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View of the Bund in 2008 showing highway off-ramp (now demolished)

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The Bund in 2006: 10 or 11 lanes of uncrossableness, including a raised median to stop anyone crazy enough to try jaywalking - I'm not sure if the trees will be saved

Unfortunately, Shanghai’s waterfront Bund is today a pale shadow of its former self. As in so many other cities, the waterfront was eventually seen as the easiest place to put a major cross-town traffic artery – in this case, at grade, though with a large flyover (now demolished) connecting to an elevated expressway. Ten or eleven lanes of through traffic later, the waterfront promenade that is such a major tourist attraction is as separated from the famous buildings that line the Bund (and the narrow sidewalk in front of them) as possible. At-grade pedestrian crossings are essentially outlawed for the entire length of the historic area, with pedestrians forced into underground tunnels to cross to the waterfront (a temporary pedestrian overpass during construction shows how wonderful it is to see what you’re crossing). Exasperating the strange and tenuous connection between the two sides is the elevation of the waterfront promenade a few metres above street level (something that seems to have been done for flood control reasons).


View along the Bund from the temporary pedestrian overpass during construction in 2009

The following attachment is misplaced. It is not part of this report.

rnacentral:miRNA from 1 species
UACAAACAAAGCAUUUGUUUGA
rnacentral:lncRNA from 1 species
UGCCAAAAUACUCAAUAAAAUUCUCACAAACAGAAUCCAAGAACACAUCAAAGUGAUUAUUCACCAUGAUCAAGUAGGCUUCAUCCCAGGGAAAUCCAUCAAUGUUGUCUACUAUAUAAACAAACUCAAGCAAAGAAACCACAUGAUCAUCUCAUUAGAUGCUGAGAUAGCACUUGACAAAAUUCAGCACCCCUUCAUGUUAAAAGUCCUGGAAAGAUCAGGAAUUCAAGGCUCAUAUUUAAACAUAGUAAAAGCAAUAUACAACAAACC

Before and after views of the Bund revitalization, from a poster on a street near the waterfront

Happily, changes are afoot that will be attempting to address some of the Bund’s deficiencies. Firstly, the major traffic artery is being placed in a tunnel below ground level in a huge engineering project which will leave only four lanes of traffic at grade. The Bund will be streetscaped as an urban avenue, with at-grade pedestrian crossings, trees and a much stronger connection between the two sides of the street. The raised promenade along the river will remain elevated (I presume that flood control precludes any change to that), but a series of ramps will tie it much more closely to the street and grade level of the buildings of the Bund. Clearly the proposals will be a strong step in the right direction for an urban locale that is high on the agenda for every tourist that visits Shanghai. One also hopes that reconnecting the waterfront promenade to the city this way will also encourage ordinary Shanghainese to visit more easily.